Page 1

RYAN CRANEY Architecture Portfolio 916.531.4473 rcraney92@gmail.com


TABLE OF CONTENTS 01 INTRODUCTION 02 RESTRICTING OPTIMIZATION Fall/Spring/Winter 2014-2015 03 JONES MIDDLE SCHOOL Spring 2013 04 vWALL Spring 2013 05 SHIFT Fall 2013 06 INSTITUTE OF MOLECULAR GASTRONOMY Winter 2012 07 ULTERIOR MOTIVE Fall 2014


INTRODUCTION Architecture Portfolio 916.531.4473 rcraney92@gmail.com

I am currently studying as a fifth year architecture student at the California Polytechnic State University, San Luis Obispo. As a student, I have been fascinated with the world of parametric design and digital fabrication. I also enjoy photography and the hands-on aspect of making beautiful things (at any scale, from houses to plates). I’m currently looking for a full-time position at an architecture firm. From such an opportunity, I hope to gain valuable real-world experience and work towards earning licensure. As part of this experience, I hope to be challenged to learn and develop new skills, while also contributing my own extensive knowledge of fabrication and parametric systems to the firm.


RESTRICTING OPTIMIZATION Thesis In Progress Location Hyperoptimized Future Program Public Spaces This thesis explores the current trend of efficiency-centric urban construction and its potential to result in hyper-optimized cities where architecture loses its responsiveness to cultural and social conditions. In order to explore the possibility of architecture to recover from such a situation, this project exists in a fictionalized future city which has evolved into a hyper-optimized urban condition, lacking even public spaces and cultural hubs. The primary enablers of the future city are the evolutionary modelers—programs which utilize the iterative design process and input parameters to develop a complete architectural design—and they will provide the opportunity for the developer and client to bypass the architect completely. As the architecture discipline declines, the few remaining architects will survive through adopting new skills into the architectural profession.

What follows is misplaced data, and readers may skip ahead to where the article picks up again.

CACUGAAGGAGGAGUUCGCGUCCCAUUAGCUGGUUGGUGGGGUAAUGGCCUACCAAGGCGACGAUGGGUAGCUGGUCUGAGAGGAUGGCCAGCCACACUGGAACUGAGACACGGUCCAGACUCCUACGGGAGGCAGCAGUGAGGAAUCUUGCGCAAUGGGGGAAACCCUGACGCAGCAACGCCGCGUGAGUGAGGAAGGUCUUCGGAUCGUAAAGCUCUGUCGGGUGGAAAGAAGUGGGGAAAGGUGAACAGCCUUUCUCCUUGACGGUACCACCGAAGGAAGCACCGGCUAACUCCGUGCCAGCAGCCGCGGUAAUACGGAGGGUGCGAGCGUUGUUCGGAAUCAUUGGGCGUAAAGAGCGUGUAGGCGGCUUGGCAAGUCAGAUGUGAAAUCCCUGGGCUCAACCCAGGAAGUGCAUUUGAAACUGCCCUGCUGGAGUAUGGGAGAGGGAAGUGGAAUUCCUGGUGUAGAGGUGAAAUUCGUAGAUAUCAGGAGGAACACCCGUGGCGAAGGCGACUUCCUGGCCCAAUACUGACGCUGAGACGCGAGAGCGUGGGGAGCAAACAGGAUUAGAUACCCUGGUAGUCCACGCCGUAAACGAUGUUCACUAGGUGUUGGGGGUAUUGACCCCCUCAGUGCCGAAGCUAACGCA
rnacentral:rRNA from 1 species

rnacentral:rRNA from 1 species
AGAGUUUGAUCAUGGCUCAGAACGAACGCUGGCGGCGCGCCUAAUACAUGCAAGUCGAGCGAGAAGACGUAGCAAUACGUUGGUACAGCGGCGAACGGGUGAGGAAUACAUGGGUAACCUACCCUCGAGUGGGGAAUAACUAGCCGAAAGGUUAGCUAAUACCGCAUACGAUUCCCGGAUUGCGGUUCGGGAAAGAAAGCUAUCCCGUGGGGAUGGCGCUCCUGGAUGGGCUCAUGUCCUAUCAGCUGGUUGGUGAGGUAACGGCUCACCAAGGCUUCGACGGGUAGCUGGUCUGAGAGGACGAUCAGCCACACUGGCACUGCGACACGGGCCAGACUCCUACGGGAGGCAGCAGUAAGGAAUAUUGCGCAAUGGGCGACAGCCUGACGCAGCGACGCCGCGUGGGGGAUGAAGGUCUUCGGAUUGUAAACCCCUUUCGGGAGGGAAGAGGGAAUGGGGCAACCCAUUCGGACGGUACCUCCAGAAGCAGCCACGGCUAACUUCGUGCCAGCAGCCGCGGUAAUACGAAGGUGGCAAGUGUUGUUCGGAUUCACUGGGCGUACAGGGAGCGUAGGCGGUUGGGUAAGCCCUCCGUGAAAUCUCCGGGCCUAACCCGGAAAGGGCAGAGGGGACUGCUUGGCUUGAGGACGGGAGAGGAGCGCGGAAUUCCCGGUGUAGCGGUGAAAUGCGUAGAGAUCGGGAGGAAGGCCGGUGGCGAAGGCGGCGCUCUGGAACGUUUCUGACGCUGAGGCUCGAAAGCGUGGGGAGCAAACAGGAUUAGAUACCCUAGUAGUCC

These guerrilla architects will design new public space through architectural insertions into the main components of the optimized tower (the entry, the circulation core, and the tenant spaces). This new type of architectural typology will utilize engage the user through new strategies, including augmented reality spaces and the virtual realm of digital overlays. Through this guerrilla architecture, the architects have the opportunity to reintroduce responsiveness into design and bring awareness to the monotonous conditions of the future cities.

FUTURE CITY DESIGN WITH EVOLUTIONARY MODELERS PROGRAMMATIC ATTRIBUTES OFFICE LARGE FLOOR AREA

RETAIL GROUND LEVEL

SERVICE UNDERGROUND/CORE

LARGE WINDOW AREA

MAXIMIZE DAYLIGHTING

MINIMIZE WINDOW AREA

SMALL FOOTPRINT

NARROW PROFILE

LARGE FLOOR AREA

MINIMIZE WINDOWS MAXIMIZE VENTILATION

FUTURE CITY DESIGN WITH EVOLUTIONARY MODELERS PROGRAMMATIC ATTRIBUTES RETAIL GROUND LEVEL MINIMIZE WINDOW AREA LARGE FLOOR AREA

SERVICE UNDERGROUND/CORE MINIMIZE WINDOWS MAXIMIZE VENTILATION

HYPER-OPTIMIZED MIXED USE TOWER

BUILDING ENTRY

CIRCULATION CORE

TENANT SPACE

COMMON INTERESTS SHARED BETWEEN TENANTS

CORPORATE OFFICES

HYPER-OPTIMIZED MIXED USE TOWER

CORE

OFFICE LARGE FLOOR AREA MAXIMIZE DAYLIGHTING NARROW PROFILE

ENTRY

HOUSING MAXIMIZE VIEWS LARGE WINDOW AREA SMALL FOOTPRINT

TENANT

HOUSING MAXIMIZE VIEWS

COMMON HOUSING INTERESTS SHARED BETWEEN TENANTS

CORPORATE OFFICES HOUSING

DESI SPAC CAN FROM IMPR

DESIGNATE SPACES THAT CAN BENEFIT FROM TENANT IMPROVEMENT


What a wonderful park... we should start working here sometime. I don’t know what reality you’re in, but all I see is disgusting benches.


Plans 1” = 50’ Section 1/16” = 1’ 0”

Plan 1/16” = 1’ 0” AR Diagram Ooh, maybe we should check out that public plaza… I haven’t seen one of those in forever!

I was wrapped up in my own little virtual cocoon before coming here. I wonder how much different this world is without my personal info overlay.

Ok glass, take a picture.


Atrium Section 1/64” = 1’ 0”

Planter Detail 1/2” = 1’ 0”

Wall Section 1/8” = 1’ 0” Light Gauge Steel Framing

Existing Concrete Core

Existing Steel Structure Fireproofed

Various Small Plants

Suspended Perforated Metal Panels

Irrigation Pipe System

Typ. Glass Curtain Wall Facade System

1/2” Threaded Steel Rod 1/4” Neophrene Pad U-Channel w/ Stiffeners 2’ O.C.

Typ. Plastic Planter Box 1/4” Steel Mount Arm Custom Steel Bracket Clip-on Composite Panel GFRC Floor Panels Steel Beam Insertion

Plans 1/128” = 1’ 0”


JONES MIDDLE SCHOOL Location Size Team

Chicago, IL, USA 96,000 sq. ft. Max Wisotsky Ryan Craney

The prospect of designing for a school of the new century is a daunting one. There are many questions to ask. What is education in the 21st century? What was education like before? And, where will the next development be made?

01. Geometry Set Out

05. Circulation

04. Micro Form

02. Site Diagram